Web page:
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Senate GOP leader raps his party's attacks

Ferrioli: Leaders pledged against political use of 2013 end to senior medical tax break.

The Republican leader of the Oregon Senate has taken the unusual step of criticizing his own party’s attacks on two Democrats who supported elimination of a tax break for senior medical expenses.

The provision was part of a multifaceted measure (House Bill 3601) that also increased state cigarette taxes but resulted in reduced taxes for some small businesses and a higher tax credit for low-income workers.

The measure was part of a “grand bargain” reached by Gov. John Kitzhaber and legislative leaders from both parties during a 2013 special session. Among other things, the agreement pared cost-of-living increases for public employees but raised more money for schools and services for older people and mental health.

“At that time, we acknowledged that political attacks undermine the ability of lawmakers to rise above partisanship and seek common ground for the good of Oregon,” Senate Republican Leader Ted Ferrioli of John Day said in a statement Friday.

“To the end, I signed a joint agreement … not to use the ‘yes’ vote elimination of the senior medical tax deduction in campaign materials directed at any of us or any other senator, representative or candidate for such office.”

But Republicans in two races have now pressed that exact issue against Democrats.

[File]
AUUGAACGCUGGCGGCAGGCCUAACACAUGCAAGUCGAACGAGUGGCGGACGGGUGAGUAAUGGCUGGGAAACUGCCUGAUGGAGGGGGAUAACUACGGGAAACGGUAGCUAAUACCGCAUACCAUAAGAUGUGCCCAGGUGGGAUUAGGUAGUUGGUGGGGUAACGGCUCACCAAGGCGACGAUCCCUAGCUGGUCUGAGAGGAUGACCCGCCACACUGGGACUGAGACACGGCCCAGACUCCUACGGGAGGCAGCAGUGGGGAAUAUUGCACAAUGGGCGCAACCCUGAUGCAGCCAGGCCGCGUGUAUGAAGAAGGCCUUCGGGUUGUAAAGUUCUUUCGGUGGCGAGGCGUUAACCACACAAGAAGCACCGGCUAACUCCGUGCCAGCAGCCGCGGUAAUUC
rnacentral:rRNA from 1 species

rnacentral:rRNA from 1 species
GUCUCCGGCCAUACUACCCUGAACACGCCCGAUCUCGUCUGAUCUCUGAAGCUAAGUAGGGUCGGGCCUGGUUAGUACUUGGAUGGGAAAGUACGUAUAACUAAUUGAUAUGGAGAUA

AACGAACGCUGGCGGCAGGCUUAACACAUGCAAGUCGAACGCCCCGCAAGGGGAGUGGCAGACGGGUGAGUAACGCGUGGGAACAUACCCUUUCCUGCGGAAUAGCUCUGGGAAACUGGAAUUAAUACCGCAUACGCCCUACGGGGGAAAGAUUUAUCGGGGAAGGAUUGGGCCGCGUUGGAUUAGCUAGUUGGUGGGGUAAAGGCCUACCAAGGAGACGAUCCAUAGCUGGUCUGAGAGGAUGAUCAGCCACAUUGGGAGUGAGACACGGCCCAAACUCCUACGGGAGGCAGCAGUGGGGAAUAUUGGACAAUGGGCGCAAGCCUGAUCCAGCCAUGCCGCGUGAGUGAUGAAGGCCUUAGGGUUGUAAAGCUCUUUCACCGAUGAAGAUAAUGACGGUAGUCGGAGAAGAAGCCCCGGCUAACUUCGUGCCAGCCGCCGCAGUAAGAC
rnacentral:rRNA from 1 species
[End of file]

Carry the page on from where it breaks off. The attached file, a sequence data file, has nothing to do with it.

Republican Sen. Betsy Close of Albany, who is seeking the retain the seat she was appointed to in 2012, says in a questionnaire to the Corvallis Gazette-Times that Democratic challenger Sara Gelser of Corvallis voted to eliminate the deduction on state income taxes.

Close was one of seven Republicans to oppose the bill in the Senate. The other seven, including Ferrioli, voted for it.

The Republican State Leadership Committee, based in Washington, D.C., has focused on the “yes” vote by Senate President Peter Courtney, D-Salem, in direct-mail, electronic and online ads against him.

Earlier this week, the committee targeted Courtney, the longest-serving member of the current Legislature and Senate president for the past 12 years.

The bill passed the House, 36-19, and the Senate, 18-10 — the exact 60 percent majorities required for a revenue-raising measure.

“I agree to continue the tempered demeanor of bipartisanship, respect the statesmanship with those senators and representatives who boldly looked to Oregon’s future instead of the political present,” Ferrioli says in the statement.

For Ferrioli, his party would win at least a tie in the Senate if Close wins and Courtney loses.

The parties have focused on the Close-Gelser race, one of the few opportunities Democrats have to increase their current 16-14 majority over Republicans.

The outcome may hinge on whether there is greater voter participation in Democratic-leaning Benton County, home to Gelser, or in Republican-leaning Linn County.

Courtney is being challenged by Republican Patti Milne of Woodburn, a former state representative and former Marion County commissioner. Party registration favors Democrats, but the district also has the lowest total of registered voters in the state.


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